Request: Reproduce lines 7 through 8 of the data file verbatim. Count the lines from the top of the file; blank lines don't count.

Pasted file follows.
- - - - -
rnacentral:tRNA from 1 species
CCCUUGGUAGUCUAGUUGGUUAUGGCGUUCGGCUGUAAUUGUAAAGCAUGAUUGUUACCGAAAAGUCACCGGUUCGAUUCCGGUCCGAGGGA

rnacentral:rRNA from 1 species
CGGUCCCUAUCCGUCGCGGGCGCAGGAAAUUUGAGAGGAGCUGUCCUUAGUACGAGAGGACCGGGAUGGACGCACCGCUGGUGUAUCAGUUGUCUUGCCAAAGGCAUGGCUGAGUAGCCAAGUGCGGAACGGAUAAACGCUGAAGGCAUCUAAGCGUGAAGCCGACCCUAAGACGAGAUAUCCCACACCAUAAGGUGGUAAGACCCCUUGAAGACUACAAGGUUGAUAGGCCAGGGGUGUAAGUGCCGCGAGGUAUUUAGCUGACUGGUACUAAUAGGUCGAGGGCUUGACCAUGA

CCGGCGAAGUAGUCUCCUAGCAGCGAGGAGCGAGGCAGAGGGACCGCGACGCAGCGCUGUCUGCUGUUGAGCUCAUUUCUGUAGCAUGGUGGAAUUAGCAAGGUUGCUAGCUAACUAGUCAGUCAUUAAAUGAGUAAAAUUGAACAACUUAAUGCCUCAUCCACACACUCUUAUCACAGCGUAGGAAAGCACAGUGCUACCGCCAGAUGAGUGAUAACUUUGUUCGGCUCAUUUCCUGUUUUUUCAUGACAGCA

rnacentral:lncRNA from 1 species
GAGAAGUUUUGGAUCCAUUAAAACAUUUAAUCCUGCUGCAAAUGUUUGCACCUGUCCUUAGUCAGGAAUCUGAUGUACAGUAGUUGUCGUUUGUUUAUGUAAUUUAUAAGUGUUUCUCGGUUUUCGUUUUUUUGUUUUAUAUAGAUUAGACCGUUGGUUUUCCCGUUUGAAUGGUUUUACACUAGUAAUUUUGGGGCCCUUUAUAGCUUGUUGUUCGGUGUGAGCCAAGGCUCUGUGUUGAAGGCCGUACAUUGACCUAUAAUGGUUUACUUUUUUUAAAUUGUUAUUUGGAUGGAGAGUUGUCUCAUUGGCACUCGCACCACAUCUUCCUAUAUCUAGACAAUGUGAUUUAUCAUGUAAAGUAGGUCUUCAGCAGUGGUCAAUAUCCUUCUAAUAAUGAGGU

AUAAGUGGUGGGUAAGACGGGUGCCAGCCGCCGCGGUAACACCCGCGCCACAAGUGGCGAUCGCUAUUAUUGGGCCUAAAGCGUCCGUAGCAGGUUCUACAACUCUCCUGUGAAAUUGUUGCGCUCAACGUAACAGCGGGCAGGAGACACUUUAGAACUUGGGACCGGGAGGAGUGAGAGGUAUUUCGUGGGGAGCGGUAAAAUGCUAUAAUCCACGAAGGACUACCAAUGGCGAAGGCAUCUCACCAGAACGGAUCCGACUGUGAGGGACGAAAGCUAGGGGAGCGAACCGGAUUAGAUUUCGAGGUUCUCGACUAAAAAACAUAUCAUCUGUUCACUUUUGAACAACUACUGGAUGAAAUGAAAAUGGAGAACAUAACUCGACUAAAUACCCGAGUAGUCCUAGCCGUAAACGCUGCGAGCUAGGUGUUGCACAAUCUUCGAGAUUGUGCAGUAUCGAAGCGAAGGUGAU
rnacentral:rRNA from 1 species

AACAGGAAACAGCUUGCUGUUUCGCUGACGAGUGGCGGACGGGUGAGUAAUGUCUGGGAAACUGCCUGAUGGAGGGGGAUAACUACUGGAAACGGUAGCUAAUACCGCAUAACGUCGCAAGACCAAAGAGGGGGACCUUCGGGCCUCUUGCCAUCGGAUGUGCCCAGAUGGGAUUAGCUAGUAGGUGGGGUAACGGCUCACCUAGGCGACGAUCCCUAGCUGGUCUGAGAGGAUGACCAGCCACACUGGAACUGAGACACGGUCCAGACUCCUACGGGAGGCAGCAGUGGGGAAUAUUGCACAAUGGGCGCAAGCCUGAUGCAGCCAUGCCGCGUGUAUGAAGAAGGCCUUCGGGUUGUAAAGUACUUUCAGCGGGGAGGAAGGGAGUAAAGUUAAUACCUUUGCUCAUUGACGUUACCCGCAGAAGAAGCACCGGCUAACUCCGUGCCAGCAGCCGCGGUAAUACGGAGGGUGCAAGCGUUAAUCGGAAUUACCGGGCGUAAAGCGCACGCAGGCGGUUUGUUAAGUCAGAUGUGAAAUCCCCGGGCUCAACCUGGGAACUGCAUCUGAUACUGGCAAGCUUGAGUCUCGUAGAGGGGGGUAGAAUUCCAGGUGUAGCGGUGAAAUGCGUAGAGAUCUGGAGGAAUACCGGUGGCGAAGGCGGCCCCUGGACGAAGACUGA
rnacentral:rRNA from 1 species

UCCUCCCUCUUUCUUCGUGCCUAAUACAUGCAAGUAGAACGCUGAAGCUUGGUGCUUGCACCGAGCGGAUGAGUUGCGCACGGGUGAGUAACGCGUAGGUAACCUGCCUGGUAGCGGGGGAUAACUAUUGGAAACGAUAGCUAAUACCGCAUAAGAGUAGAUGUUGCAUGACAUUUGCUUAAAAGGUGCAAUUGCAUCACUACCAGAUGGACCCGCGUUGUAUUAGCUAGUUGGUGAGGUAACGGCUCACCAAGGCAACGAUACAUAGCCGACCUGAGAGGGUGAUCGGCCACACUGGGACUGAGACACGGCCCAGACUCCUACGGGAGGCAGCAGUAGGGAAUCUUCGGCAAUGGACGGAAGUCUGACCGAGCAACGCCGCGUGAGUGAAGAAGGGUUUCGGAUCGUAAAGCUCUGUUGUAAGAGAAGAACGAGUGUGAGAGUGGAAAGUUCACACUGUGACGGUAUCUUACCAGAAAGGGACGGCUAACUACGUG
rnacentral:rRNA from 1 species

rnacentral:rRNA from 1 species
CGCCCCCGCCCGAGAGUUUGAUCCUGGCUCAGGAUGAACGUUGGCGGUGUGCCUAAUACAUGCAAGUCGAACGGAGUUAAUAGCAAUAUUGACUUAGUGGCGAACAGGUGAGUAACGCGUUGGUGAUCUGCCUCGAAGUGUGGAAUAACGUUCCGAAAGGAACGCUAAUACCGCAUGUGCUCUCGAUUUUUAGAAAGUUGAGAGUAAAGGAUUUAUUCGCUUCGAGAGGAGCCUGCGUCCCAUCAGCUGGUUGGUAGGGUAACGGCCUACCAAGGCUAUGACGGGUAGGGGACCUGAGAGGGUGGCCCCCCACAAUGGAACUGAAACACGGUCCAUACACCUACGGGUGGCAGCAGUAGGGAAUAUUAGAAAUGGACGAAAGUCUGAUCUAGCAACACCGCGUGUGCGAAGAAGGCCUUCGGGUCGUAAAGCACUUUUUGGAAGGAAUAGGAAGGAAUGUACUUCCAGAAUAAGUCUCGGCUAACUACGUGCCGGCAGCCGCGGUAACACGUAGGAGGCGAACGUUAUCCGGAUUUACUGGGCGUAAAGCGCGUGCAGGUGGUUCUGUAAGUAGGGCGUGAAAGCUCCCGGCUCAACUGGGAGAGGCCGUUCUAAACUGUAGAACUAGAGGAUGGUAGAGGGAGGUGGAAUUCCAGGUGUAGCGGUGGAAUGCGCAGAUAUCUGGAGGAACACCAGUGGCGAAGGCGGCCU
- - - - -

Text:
GAGAAGUUUUGGAUCCAUUAAAACAUUUAAUCCUGCUGCAAAUGUUUGCACCUGUCCUUAGUCAGGAAUCUGAUGUACAGUAGUUGUCGUUUGUUUAUGUAAUUUAUAAGUGUUUCUCGGUUUUCGUUUUUUUGUUUUAUAUAGAUUAGACCGUUGGUUUUCCCGUUUGAAUGGUUUUACACUAGUAAUUUUGGGGCCCUUUAUAGCUUGUUGUUCGGUGUGAGCCAAGGCUCUGUGUUGAAGGCCGUACAUUGACCUAUAAUGGUUUACUUUUUUUAAAUUGUUAUUUGGAUGGAGAGUUGUCUCAUUGGCACUCGCACCACAUCUUCCUAUAUCUAGACAAUGUGAUUUAUCAUGUAAAGUAGGUCUUCAGCAGUGGUCAAUAUCCUUCUAAUAAUGAGGU

AUAAGUGGUGGGUAAGACGGGUGCCAGCCGCCGCGGUAACACCCGCGCCACAAGUGGCGAUCGCUAUUAUUGGGCCUAAAGCGUCCGUAGCAGGUUCUACAACUCUCCUGUGAAAUUGUUGCGCUCAACGUAACAGCGGGCAGGAGACACUUUAGAACUUGGGACCGGGAGGAGUGAGAGGUAUUUCGUGGGGAGCGGUAAAAUGCUAUAAUCCACGAAGGACUACCAAUGGCGAAGGCAUCUCACCAGAACGGAUCCGACUGUGAGGGACGAAAGCUAGGGGAGCGAACCGGAUUAGAUUUCGAGGUUCUCGACUAAAAAACAUAUCAUCUGUUCACUUUUGAACAACUACUGGAUGAAAUGAAAAUGGAGAACAUAACUCGACUAAAUACCCGAGUAGUCCUAGCCGUAAACGCUGCGAGCUAGGUGUUGCACAAUCUUCGAGAUUGUGCAGUAUCGAAGCGAAGGUGAU